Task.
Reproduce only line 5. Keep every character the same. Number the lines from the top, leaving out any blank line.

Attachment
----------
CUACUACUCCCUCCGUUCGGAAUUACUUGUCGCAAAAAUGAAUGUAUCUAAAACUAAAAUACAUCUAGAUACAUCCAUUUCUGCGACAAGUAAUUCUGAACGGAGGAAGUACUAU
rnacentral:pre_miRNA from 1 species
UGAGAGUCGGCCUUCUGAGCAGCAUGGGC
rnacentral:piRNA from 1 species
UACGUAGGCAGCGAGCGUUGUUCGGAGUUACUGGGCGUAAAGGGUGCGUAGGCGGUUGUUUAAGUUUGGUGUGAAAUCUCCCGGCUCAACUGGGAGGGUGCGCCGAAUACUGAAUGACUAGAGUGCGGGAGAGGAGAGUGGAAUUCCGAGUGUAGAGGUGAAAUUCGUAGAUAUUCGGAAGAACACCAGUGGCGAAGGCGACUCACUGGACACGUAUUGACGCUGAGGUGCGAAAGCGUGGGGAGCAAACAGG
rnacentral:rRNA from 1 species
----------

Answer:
UACGUAGGCAGCGAGCGUUGUUCGGAGUUACUGGGCGUAAAGGGUGCGUAGGCGGUUGUUUAAGUUUGGUGUGAAAUCUCCCGGCUCAACUGGGAGGGUGCGCCGAAUACUGAAUGACUAGAGUGCGGGAGAGGAGAGUGGAAUUCCGAGUGUAGAGGUGAAAUUCGUAGAUAUUCGGAAGAACACCAGUGGCGAAGGCGACUCACUGGACACGUAUUGACGCUGAGGUGCGAAAGCGUGGGGAGCAAACAGG